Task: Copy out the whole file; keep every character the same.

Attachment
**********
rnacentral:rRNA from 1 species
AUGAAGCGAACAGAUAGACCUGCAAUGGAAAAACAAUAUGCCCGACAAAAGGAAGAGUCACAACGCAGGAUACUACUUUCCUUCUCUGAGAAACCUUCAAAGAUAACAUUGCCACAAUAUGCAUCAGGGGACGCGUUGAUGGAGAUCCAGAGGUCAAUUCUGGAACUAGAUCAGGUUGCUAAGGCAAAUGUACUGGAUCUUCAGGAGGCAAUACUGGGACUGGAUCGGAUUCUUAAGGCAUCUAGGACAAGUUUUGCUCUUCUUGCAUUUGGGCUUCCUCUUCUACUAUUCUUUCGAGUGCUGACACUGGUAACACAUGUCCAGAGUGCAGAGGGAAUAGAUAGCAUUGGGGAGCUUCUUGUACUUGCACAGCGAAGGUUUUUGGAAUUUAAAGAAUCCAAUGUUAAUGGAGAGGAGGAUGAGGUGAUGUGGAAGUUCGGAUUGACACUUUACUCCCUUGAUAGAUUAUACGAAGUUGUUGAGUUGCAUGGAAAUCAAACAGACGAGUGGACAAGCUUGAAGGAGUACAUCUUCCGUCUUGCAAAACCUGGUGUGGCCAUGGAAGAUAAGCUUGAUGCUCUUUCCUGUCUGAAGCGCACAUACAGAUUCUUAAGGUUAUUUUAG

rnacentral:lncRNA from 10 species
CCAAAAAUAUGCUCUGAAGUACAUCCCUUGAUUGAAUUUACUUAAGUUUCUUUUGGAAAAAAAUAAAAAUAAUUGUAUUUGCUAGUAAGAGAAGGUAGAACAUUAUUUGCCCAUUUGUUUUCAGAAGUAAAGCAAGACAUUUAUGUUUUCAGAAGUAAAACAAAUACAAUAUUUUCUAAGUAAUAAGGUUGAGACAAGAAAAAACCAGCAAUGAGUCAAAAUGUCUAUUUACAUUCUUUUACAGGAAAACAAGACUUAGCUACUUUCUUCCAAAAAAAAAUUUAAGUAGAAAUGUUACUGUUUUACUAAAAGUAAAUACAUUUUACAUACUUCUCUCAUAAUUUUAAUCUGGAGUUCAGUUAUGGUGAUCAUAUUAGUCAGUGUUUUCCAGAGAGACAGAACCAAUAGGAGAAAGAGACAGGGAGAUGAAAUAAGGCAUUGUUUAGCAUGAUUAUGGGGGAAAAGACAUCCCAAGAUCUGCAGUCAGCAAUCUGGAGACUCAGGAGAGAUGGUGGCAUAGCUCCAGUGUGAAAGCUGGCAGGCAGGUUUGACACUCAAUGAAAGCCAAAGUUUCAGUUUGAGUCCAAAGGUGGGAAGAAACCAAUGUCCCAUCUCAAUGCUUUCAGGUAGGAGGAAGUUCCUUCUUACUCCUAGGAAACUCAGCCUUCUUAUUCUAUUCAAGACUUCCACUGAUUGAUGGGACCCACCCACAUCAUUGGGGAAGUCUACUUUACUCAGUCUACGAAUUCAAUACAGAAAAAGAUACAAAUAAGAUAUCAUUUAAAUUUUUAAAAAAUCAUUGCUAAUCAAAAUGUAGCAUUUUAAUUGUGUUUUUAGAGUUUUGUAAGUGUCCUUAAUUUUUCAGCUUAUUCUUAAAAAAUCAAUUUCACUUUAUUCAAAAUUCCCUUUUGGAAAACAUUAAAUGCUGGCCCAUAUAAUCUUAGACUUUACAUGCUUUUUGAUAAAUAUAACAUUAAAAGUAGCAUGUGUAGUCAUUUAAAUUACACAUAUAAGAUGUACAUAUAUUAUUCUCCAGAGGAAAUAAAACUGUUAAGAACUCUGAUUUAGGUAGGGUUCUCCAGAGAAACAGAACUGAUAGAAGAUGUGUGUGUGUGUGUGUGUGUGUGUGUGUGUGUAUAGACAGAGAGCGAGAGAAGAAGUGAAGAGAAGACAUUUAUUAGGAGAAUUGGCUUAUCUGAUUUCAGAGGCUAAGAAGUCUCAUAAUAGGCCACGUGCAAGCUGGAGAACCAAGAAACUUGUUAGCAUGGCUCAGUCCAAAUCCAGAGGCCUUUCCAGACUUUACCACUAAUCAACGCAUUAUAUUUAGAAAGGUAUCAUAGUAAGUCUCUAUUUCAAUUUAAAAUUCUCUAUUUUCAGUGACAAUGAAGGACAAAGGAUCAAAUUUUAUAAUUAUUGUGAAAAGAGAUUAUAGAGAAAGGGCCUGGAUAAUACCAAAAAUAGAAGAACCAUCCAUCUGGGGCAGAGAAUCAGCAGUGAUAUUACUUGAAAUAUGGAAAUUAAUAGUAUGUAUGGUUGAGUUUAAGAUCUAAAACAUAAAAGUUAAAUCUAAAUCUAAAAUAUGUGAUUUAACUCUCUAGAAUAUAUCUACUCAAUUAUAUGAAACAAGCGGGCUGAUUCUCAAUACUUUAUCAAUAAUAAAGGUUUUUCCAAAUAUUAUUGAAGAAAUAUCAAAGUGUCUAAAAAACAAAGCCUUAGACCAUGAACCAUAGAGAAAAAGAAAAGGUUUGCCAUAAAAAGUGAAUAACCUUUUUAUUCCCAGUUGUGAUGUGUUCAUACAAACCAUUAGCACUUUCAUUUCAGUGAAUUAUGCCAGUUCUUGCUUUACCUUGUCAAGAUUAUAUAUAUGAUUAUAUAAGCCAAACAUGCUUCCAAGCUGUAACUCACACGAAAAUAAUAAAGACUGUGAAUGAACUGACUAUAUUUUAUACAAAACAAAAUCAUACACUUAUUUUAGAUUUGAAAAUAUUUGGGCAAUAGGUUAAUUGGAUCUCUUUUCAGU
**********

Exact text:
rnacentral:rRNA from 1 species
AUGAAGCGAACAGAUAGACCUGCAAUGGAAAAACAAUAUGCCCGACAAAAGGAAGAGUCACAACGCAGGAUACUACUUUCCUUCUCUGAGAAACCUUCAAAGAUAACAUUGCCACAAUAUGCAUCAGGGGACGCGUUGAUGGAGAUCCAGAGGUCAAUUCUGGAACUAGAUCAGGUUGCUAAGGCAAAUGUACUGGAUCUUCAGGAGGCAAUACUGGGACUGGAUCGGAUUCUUAAGGCAUCUAGGACAAGUUUUGCUCUUCUUGCAUUUGGGCUUCCUCUUCUACUAUUCUUUCGAGUGCUGACACUGGUAACACAUGUCCAGAGUGCAGAGGGAAUAGAUAGCAUUGGGGAGCUUCUUGUACUUGCACAGCGAAGGUUUUUGGAAUUUAAAGAAUCCAAUGUUAAUGGAGAGGAGGAUGAGGUGAUGUGGAAGUUCGGAUUGACACUUUACUCCCUUGAUAGAUUAUACGAAGUUGUUGAGUUGCAUGGAAAUCAAACAGACGAGUGGACAAGCUUGAAGGAGUACAUCUUCCGUCUUGCAAAACCUGGUGUGGCCAUGGAAGAUAAGCUUGAUGCUCUUUCCUGUCUGAAGCGCACAUACAGAUUCUUAAGGUUAUUUUAG

rnacentral:lncRNA from 10 species
CCAAAAAUAUGCUCUGAAGUACAUCCCUUGAUUGAAUUUACUUAAGUUUCUUUUGGAAAAAAAUAAAAAUAAUUGUAUUUGCUAGUAAGAGAAGGUAGAACAUUAUUUGCCCAUUUGUUUUCAGAAGUAAAGCAAGACAUUUAUGUUUUCAGAAGUAAAACAAAUACAAUAUUUUCUAAGUAAUAAGGUUGAGACAAGAAAAAACCAGCAAUGAGUCAAAAUGUCUAUUUACAUUCUUUUACAGGAAAACAAGACUUAGCUACUUUCUUCCAAAAAAAAAUUUAAGUAGAAAUGUUACUGUUUUACUAAAAGUAAAUACAUUUUACAUACUUCUCUCAUAAUUUUAAUCUGGAGUUCAGUUAUGGUGAUCAUAUUAGUCAGUGUUUUCCAGAGAGACAGAACCAAUAGGAGAAAGAGACAGGGAGAUGAAAUAAGGCAUUGUUUAGCAUGAUUAUGGGGGAAAAGACAUCCCAAGAUCUGCAGUCAGCAAUCUGGAGACUCAGGAGAGAUGGUGGCAUAGCUCCAGUGUGAAAGCUGGCAGGCAGGUUUGACACUCAAUGAAAGCCAAAGUUUCAGUUUGAGUCCAAAGGUGGGAAGAAACCAAUGUCCCAUCUCAAUGCUUUCAGGUAGGAGGAAGUUCCUUCUUACUCCUAGGAAACUCAGCCUUCUUAUUCUAUUCAAGACUUCCACUGAUUGAUGGGACCCACCCACAUCAUUGGGGAAGUCUACUUUACUCAGUCUACGAAUUCAAUACAGAAAAAGAUACAAAUAAGAUAUCAUUUAAAUUUUUAAAAAAUCAUUGCUAAUCAAAAUGUAGCAUUUUAAUUGUGUUUUUAGAGUUUUGUAAGUGUCCUUAAUUUUUCAGCUUAUUCUUAAAAAAUCAAUUUCACUUUAUUCAAAAUUCCCUUUUGGAAAACAUUAAAUGCUGGCCCAUAUAAUCUUAGACUUUACAUGCUUUUUGAUAAAUAUAACAUUAAAAGUAGCAUGUGUAGUCAUUUAAAUUACACAUAUAAGAUGUACAUAUAUUAUUCUCCAGAGGAAAUAAAACUGUUAAGAACUCUGAUUUAGGUAGGGUUCUCCAGAGAAACAGAACUGAUAGAAGAUGUGUGUGUGUGUGUGUGUGUGUGUGUGUGUGUAUAGACAGAGAGCGAGAGAAGAAGUGAAGAGAAGACAUUUAUUAGGAGAAUUGGCUUAUCUGAUUUCAGAGGCUAAGAAGUCUCAUAAUAGGCCACGUGCAAGCUGGAGAACCAAGAAACUUGUUAGCAUGGCUCAGUCCAAAUCCAGAGGCCUUUCCAGACUUUACCACUAAUCAACGCAUUAUAUUUAGAAAGGUAUCAUAGUAAGUCUCUAUUUCAAUUUAAAAUUCUCUAUUUUCAGUGACAAUGAAGGACAAAGGAUCAAAUUUUAUAAUUAUUGUGAAAAGAGAUUAUAGAGAAAGGGCCUGGAUAAUACCAAAAAUAGAAGAACCAUCCAUCUGGGGCAGAGAAUCAGCAGUGAUAUUACUUGAAAUAUGGAAAUUAAUAGUAUGUAUGGUUGAGUUUAAGAUCUAAAACAUAAAAGUUAAAUCUAAAUCUAAAAUAUGUGAUUUAACUCUCUAGAAUAUAUCUACUCAAUUAUAUGAAACAAGCGGGCUGAUUCUCAAUACUUUAUCAAUAAUAAAGGUUUUUCCAAAUAUUAUUGAAGAAAUAUCAAAGUGUCUAAAAAACAAAGCCUUAGACCAUGAACCAUAGAGAAAAAGAAAAGGUUUGCCAUAAAAAGUGAAUAACCUUUUUAUUCCCAGUUGUGAUGUGUUCAUACAAACCAUUAGCACUUUCAUUUCAGUGAAUUAUGCCAGUUCUUGCUUUACCUUGUCAAGAUUAUAUAUAUGAUUAUAUAAGCCAAACAUGCUUCCAAGCUGUAACUCACACGAAAAUAAUAAAGACUGUGAAUGAACUGACUAUAUUUUAUACAAAACAAAAUCAUACACUUAUUUUAGAUUUGAAAAUAUUUGGGCAAUAGGUUAAUUGGAUCUCUUUUCAGU